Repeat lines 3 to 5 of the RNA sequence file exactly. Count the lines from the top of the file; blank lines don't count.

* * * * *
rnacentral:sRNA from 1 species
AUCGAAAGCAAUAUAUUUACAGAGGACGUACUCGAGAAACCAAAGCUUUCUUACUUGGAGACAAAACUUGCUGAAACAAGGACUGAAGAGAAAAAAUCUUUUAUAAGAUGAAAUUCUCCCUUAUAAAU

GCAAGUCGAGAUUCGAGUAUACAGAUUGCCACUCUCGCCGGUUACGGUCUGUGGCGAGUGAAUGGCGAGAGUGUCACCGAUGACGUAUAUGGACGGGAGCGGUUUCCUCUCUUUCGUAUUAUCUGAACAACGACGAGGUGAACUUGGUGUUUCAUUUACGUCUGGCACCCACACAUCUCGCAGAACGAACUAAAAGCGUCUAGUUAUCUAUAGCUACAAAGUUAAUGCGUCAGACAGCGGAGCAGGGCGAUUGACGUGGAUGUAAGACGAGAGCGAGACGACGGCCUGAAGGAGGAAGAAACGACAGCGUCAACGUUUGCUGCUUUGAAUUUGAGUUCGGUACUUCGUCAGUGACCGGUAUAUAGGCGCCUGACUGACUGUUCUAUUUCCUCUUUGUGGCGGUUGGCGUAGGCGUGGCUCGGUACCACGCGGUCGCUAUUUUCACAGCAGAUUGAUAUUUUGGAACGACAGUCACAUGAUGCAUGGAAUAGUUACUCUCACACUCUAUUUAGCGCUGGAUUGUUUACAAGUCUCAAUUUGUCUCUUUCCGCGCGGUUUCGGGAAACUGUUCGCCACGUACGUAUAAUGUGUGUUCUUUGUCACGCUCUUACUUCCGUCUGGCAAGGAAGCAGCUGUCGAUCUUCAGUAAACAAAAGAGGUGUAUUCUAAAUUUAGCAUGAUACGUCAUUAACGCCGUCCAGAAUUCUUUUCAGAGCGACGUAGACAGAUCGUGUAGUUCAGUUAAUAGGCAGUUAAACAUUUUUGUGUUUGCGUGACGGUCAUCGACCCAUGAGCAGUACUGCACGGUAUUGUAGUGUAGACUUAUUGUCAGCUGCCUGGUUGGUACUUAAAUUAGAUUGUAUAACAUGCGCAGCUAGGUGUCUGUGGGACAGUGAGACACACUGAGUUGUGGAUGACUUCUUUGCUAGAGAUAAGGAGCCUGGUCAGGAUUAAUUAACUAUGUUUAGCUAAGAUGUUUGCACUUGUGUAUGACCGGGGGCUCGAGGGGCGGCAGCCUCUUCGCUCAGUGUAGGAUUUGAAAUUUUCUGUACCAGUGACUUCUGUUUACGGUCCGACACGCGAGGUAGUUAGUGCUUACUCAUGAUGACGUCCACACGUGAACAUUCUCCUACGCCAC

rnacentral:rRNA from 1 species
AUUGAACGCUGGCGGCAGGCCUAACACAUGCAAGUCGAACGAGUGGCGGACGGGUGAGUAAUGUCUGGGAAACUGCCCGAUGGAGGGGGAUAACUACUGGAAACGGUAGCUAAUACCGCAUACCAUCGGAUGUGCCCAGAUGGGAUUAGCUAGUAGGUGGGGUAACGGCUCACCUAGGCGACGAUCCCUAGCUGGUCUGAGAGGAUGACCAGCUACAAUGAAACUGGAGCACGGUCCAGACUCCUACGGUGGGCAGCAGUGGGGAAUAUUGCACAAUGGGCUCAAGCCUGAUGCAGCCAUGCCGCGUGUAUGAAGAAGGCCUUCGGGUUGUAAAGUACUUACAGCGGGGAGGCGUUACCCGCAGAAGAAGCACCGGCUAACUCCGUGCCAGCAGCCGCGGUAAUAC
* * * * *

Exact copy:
GCAAGUCGAGAUUCGAGUAUACAGAUUGCCACUCUCGCCGGUUACGGUCUGUGGCGAGUGAAUGGCGAGAGUGUCACCGAUGACGUAUAUGGACGGGAGCGGUUUCCUCUCUUUCGUAUUAUCUGAACAACGACGAGGUGAACUUGGUGUUUCAUUUACGUCUGGCACCCACACAUCUCGCAGAACGAACUAAAAGCGUCUAGUUAUCUAUAGCUACAAAGUUAAUGCGUCAGACAGCGGAGCAGGGCGAUUGACGUGGAUGUAAGACGAGAGCGAGACGACGGCCUGAAGGAGGAAGAAACGACAGCGUCAACGUUUGCUGCUUUGAAUUUGAGUUCGGUACUUCGUCAGUGACCGGUAUAUAGGCGCCUGACUGACUGUUCUAUUUCCUCUUUGUGGCGGUUGGCGUAGGCGUGGCUCGGUACCACGCGGUCGCUAUUUUCACAGCAGAUUGAUAUUUUGGAACGACAGUCACAUGAUGCAUGGAAUAGUUACUCUCACACUCUAUUUAGCGCUGGAUUGUUUACAAGUCUCAAUUUGUCUCUUUCCGCGCGGUUUCGGGAAACUGUUCGCCACGUACGUAUAAUGUGUGUUCUUUGUCACGCUCUUACUUCCGUCUGGCAAGGAAGCAGCUGUCGAUCUUCAGUAAACAAAAGAGGUGUAUUCUAAAUUUAGCAUGAUACGUCAUUAACGCCGUCCAGAAUUCUUUUCAGAGCGACGUAGACAGAUCGUGUAGUUCAGUUAAUAGGCAGUUAAACAUUUUUGUGUUUGCGUGACGGUCAUCGACCCAUGAGCAGUACUGCACGGUAUUGUAGUGUAGACUUAUUGUCAGCUGCCUGGUUGGUACUUAAAUUAGAUUGUAUAACAUGCGCAGCUAGGUGUCUGUGGGACAGUGAGACACACUGAGUUGUGGAUGACUUCUUUGCUAGAGAUAAGGAGCCUGGUCAGGAUUAAUUAACUAUGUUUAGCUAAGAUGUUUGCACUUGUGUAUGACCGGGGGCUCGAGGGGCGGCAGCCUCUUCGCUCAGUGUAGGAUUUGAAAUUUUCUGUACCAGUGACUUCUGUUUACGGUCCGACACGCGAGGUAGUUAGUGCUUACUCAUGAUGACGUCCACACGUGAACAUUCUCCUACGCCAC

rnacentral:rRNA from 1 species
AUUGAACGCUGGCGGCAGGCCUAACACAUGCAAGUCGAACGAGUGGCGGACGGGUGAGUAAUGUCUGGGAAACUGCCCGAUGGAGGGGGAUAACUACUGGAAACGGUAGCUAAUACCGCAUACCAUCGGAUGUGCCCAGAUGGGAUUAGCUAGUAGGUGGGGUAACGGCUCACCUAGGCGACGAUCCCUAGCUGGUCUGAGAGGAUGACCAGCUACAAUGAAACUGGAGCACGGUCCAGACUCCUACGGUGGGCAGCAGUGGGGAAUAUUGCACAAUGGGCUCAAGCCUGAUGCAGCCAUGCCGCGUGUAUGAAGAAGGCCUUCGGGUUGUAAAGUACUUACAGCGGGGAGGCGUUACCCGCAGAAGAAGCACCGGCUAACUCCGUGCCAGCAGCCGCGGUAAUAC